• Try browsing the Internet
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Universal Plug-and-Play
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UPnP
• RouterOS allow to enable uPnP support for
the router.
• UPnP allow to establish both-directional
connectivity even if client is behind the NAT,
client must have uPnP support
• There are two interface types for UPnPenabled router: internal (the one local clients
are connected to) and external (the one the
Internet is connected to)
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First VIP clients
Requirements:
Public IP address for
VIP clients
 Guaranteed speed for

VIP clients
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Source NAT Drawbacks
• Hosts behind a NAT-enabled router do not
have true end-to-end connectivity:
Situation:
You have public IP
address and
/30 subnet of public
addresses,
You sometimes reach
ISP speed limitation
(5Mbps/5Mbps)
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Clients:
“I love my ISP”
Web-server
VIP client 2
– connection initiation from outside is not possible
– some TCP services will work in “passive” mode
– src-nat behind several IP addresses is
unpredictable
– same protocols will require so-called NAT helpers
to to work correctly (NAT traversal)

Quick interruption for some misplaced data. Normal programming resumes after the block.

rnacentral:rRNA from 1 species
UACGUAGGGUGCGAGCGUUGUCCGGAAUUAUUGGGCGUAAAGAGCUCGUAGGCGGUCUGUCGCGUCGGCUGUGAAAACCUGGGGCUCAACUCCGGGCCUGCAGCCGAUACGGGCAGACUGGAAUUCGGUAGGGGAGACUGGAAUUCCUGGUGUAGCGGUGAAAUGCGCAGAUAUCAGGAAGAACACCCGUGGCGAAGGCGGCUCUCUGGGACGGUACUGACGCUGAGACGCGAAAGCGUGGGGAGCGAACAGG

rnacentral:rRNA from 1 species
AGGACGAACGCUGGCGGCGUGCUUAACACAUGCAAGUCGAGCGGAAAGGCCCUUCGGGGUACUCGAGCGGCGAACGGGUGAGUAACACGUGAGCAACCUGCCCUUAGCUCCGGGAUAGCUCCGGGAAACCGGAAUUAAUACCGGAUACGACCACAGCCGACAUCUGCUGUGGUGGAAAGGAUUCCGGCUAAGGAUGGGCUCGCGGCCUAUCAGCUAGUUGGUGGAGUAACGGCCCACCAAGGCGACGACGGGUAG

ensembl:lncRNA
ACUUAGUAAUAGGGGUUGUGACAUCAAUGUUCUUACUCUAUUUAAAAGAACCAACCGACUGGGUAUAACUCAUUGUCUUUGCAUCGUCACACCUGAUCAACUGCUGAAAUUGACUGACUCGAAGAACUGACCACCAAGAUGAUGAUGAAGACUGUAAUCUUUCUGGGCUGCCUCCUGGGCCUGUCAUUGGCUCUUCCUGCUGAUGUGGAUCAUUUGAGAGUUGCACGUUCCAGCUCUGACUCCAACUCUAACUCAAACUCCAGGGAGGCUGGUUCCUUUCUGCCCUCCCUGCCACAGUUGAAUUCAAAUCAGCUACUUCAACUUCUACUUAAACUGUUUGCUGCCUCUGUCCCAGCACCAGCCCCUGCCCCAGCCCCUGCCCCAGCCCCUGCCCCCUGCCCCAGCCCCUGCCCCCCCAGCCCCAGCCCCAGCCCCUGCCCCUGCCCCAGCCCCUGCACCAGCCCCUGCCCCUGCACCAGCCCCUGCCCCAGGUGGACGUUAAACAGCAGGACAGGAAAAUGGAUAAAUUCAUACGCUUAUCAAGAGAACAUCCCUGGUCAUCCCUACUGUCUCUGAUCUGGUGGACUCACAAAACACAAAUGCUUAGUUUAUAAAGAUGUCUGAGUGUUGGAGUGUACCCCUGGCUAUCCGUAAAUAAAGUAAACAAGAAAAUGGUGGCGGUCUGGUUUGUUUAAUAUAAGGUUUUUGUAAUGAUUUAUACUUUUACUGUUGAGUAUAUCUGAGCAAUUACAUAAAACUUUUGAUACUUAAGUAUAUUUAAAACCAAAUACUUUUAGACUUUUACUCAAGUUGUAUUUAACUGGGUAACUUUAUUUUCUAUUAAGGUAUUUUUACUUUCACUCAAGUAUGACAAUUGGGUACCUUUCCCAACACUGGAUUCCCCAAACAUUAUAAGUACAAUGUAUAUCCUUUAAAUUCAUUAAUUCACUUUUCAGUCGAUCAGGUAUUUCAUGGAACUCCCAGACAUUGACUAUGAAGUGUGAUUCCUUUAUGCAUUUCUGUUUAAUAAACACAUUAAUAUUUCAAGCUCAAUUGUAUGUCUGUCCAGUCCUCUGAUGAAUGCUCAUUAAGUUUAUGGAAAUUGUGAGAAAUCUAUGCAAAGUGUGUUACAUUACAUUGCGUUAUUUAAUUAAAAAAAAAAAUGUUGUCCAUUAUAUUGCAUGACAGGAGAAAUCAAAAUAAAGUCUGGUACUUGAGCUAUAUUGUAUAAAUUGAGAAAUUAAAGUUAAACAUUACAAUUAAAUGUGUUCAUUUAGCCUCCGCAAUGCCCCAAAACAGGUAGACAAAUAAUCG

VIP client 1
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NAT Helpers
Src-nat Lab
• You can specify ports for existing NAT helpers,
but you can not add new helpers
• You have been assigned one “public” IP address
172.16.0.XY/32
• Assign it to the wireless interface
• Add src-nat rule to “hide” your private network
192.168.XY.0/24 behind the “public” address
• Connect from your laptop using winbox, ssh, or
telnet via your router to the main gateway
10.1.1.254
• Check the IP address you are connecting from
(use “/user active print” on the main gateway)
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What is Mangle?
• The mangle facility allows to mark IP packets
with special marks.
• These marks are used by other router facilities
like routing and bandwidth management to
identify the packets.
• Additionally, the mangle facility is used to
modify some fields in the IP header, like TOS
(DSCP) and TTL fields.